Our professional honors advisors help ensure that our students achieve academic success and take full advantage of the opportunities available at the University.
An Honors thesis project in Biology or Biotechnology is usually done in three consecutive terms and requires registration in three two-credit BIO 499 courses (BIO 499A, 499B, and 499C). These courses are usually taken in spring term of junior year, and fall and spring terms of senior year. However, students, with the permission of their faculty advisor (see below), can start the program earlier, in the fall term of junior year, or later, in the summer session between junior and senior years. Students who start an Honors thesis project in their junior year can but are not required to do research during the summer between their junior and senior years. How they register to do summer research (i.e., in a BIO 499, BIO 497 or another course), what credit hours they receive, and if and how they are paid must be determined by arrangement with the faculty advisor. One BIO 499 course (499A or 499B) can be taken in summer school, but the other two BIO 499 courses must be taken during fall and spring terms. Students are discouraged from taking BIO 499 courses as eight-week block courses since it requires double the weekly time commitment (see below).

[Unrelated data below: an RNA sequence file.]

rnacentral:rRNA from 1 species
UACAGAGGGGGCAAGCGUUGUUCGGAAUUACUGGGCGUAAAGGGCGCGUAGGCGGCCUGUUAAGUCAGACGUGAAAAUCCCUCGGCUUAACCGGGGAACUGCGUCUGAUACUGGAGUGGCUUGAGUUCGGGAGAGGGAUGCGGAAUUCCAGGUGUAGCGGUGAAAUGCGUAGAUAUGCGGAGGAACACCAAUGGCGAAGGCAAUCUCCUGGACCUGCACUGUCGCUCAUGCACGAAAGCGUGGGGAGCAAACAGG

Honors Seminars are unique, discussion-based courses proposed by faculty on subjects within an area of their academic interest and expertise.